chemical weapons

Labor
8:37 am
Fri February 28, 2014

More Staff Reduction At Umatilla Depot As Site Nears Final Cleanup

Workers at the Umatilla Chemical Depot are focused now on environmental sampling to make sure the site of the chemical incinerator is now clean.
Hal McCune URS

Originally published on Fri February 28, 2014 6:45 am

The Umatilla Chemical Depot is letting go of 60 more workers. Just 100 remain, down from more than 800 a few years ago.

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Nobel Peace Prize
7:41 am
Fri October 11, 2013

What You Need To Know About The Group That Won The Nobel

U.N. chemical weapons experts carry samples collected on Aug. 28 from a site of an alleged chemical weapons attack near the Syrian capital Damascus. The Organization for the Prohibition of Chemical Weapons, which is dismantling Syria's chemical weapons stockpile, was awarded the 2013 Nobel Peace Prize on Friday.
Reuters /Landov

Originally published on Fri October 11, 2013 8:40 am

The Norwegian Nobel Committee on Friday awarded the 2013 peace prize to the Organization for the Prohibition of Chemical Weapons, a group that's only recently been thrust into the spotlight as it works to dismantle Syria's chemical program.

The OPCW, which is based at the Hague, was established in 1997 and now has an annual budget of $100 million and a staff of about 500 people. Here's a profile of the group.

Where is the OPCW working?

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Syria Crisis
2:27 pm
Thu September 19, 2013

Why Does Russia Believe The Rebels Used Chemical Weapons In Syria?

UN inspectors in Syria have been investigating the use of chemical weapons.
AP Photo/STR

The United Nations General Assembly opened this week and on the top of the agenda is the crisis in Syria. UN weapons inspectors said that based on their investigation, chemical weapons were definitely used in an August 21 attack of a city on the outskirts of Damascus.

While many officials believe evidence points to Bashar al-Assad's government as being the perpetrator of the attack, Russia's deputy foreign minister Sergei Lavrov said yesterday that the UN and Western officials have incorrectly tied the Syrian government to that attack.

Fred Weir is the Moscow correspondent for the Christian Science Monitor, he explains why Russia is still blaming the Syrian rebels for the chemical weapons attack.

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International Community
11:00 am
Mon September 16, 2013

Reaction In The Middle East To Syria

The United Nations inspectors say they have convincing evidence that chemical weapons were used in a large scale attack in Syria last month. In a report released earlier today the inspectors said the samples they collected from an area of Damascus provided clear and convincing evidence that the nerve agent sarin was used.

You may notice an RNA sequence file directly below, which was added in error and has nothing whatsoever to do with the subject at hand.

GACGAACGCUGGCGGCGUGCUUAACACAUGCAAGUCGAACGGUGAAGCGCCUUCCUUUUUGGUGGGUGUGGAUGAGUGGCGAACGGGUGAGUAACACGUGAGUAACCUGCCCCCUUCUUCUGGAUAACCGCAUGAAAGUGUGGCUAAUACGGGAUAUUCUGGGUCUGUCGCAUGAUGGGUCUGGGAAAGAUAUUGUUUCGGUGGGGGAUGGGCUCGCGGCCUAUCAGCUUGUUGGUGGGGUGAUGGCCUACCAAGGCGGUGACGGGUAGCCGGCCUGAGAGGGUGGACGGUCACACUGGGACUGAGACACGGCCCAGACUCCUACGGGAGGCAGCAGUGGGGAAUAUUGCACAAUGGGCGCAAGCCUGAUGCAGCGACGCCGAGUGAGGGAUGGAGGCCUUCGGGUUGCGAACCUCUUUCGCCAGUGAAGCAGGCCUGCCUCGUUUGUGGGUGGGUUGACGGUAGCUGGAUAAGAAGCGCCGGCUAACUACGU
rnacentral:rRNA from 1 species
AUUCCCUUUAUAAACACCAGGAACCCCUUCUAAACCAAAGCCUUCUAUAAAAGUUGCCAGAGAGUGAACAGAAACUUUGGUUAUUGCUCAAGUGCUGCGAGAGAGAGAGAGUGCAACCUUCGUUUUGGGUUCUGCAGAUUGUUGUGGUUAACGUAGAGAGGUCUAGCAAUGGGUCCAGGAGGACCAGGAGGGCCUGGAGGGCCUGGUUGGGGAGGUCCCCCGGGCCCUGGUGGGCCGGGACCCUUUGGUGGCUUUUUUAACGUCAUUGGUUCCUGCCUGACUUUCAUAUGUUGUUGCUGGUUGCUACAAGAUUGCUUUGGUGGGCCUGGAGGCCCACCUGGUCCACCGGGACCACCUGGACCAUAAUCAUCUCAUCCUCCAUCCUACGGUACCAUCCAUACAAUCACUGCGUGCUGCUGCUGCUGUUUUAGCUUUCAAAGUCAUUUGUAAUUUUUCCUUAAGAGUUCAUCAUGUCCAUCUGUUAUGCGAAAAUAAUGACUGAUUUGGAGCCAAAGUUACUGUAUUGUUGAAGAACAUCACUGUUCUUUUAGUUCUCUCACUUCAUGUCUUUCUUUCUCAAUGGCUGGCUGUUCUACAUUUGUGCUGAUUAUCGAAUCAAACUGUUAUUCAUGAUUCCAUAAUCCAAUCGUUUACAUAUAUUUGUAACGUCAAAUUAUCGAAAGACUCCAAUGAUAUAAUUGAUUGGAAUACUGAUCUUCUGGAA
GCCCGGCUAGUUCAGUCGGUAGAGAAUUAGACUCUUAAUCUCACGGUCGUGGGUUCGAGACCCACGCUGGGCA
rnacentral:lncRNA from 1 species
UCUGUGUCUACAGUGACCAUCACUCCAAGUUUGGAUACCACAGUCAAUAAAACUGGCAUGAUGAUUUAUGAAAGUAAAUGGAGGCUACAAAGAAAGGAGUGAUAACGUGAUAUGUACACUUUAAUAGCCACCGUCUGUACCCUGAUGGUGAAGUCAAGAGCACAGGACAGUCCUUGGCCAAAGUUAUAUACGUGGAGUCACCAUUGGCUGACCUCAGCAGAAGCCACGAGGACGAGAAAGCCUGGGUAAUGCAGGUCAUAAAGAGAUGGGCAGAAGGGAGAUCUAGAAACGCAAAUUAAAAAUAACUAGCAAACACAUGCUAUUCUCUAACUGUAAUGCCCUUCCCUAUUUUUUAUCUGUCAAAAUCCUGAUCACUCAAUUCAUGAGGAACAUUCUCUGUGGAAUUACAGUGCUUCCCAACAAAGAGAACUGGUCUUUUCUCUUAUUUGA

The inspectors were not charged with determining who launched the chemical weapons. The news closely follows this weekend’s announcement that Russia and the United States had reached agreement on a framework for Syria to dismantle its chemical weapons program. The United States and its allies say military force is still a possibility if Syria fails to follow through on its agreement. Meanwhile the war in Syria continues.

Borzou Daragahi has been covering events in the Middle East for the Financial Times. He’s based in Cairo. He explains what the reaction in the Middle East has been to the announcement that Syria would give up its chemical weapons.

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Syria Stockpile
1:59 pm
Wed September 11, 2013

Dismantling Chemical Weapons In Umatilla, Ore.

The international community may soon be charged with the destruction of the Syrian government’s chemical weapons stockpile. After the US and Russia, Syria is assumed to have the world’s third largest stock of sarin, mustard gas and other toxic weapons.

The US began the process of destroying its chemical weapons in the 1990s, after it signed the International Chemical Weapons Treaty. Umatilla, Ore., was once home to one of the nine US Army installations that house chemical weapons. Umatilla staff successfully finished the process of dismantling that weapons stockpile in October of 2011.

Our Richland correspondent Anna King explains how they went about the process of destroying chemical weapons.

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Syria Crisis
9:51 pm
Tue September 10, 2013

Obama: American Ideals, National Security At Stake In Syrian Crisis

President Obama addresses the nation in a live televised speech from the East Room of the White House on Tuesday.
Pool Getty Images

Originally published on Tue September 10, 2013 8:18 pm

In a prime-time speech that followed two weeks of high-stakes drama, President Obama asked the American people to support a military strike against Syria, even as he pursued a diplomatic solution to the standoff.

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International Diplomacy
3:42 pm
Tue September 10, 2013

Syria Agrees To Get Rid Of Their Chemical Weapons. Now What?

Protest in New York City from September 8, 2013.
Credit Flickr Photo/Debra Sweet

After an off-the-cuff suggestion by Secretary of State John Kerry, President Bashar al-Assad’s government has accepted a Russian plan to turn over their chemical weapons. The significance of this agreement is “huge” according to Joseph Cirincione, the president of Ploughshares Fund and member of Secretary Kerry’s International Security Advisory Board. He explains what the prospects of this plan working are and how the international community might go about seizing Syria’s chemical weapons.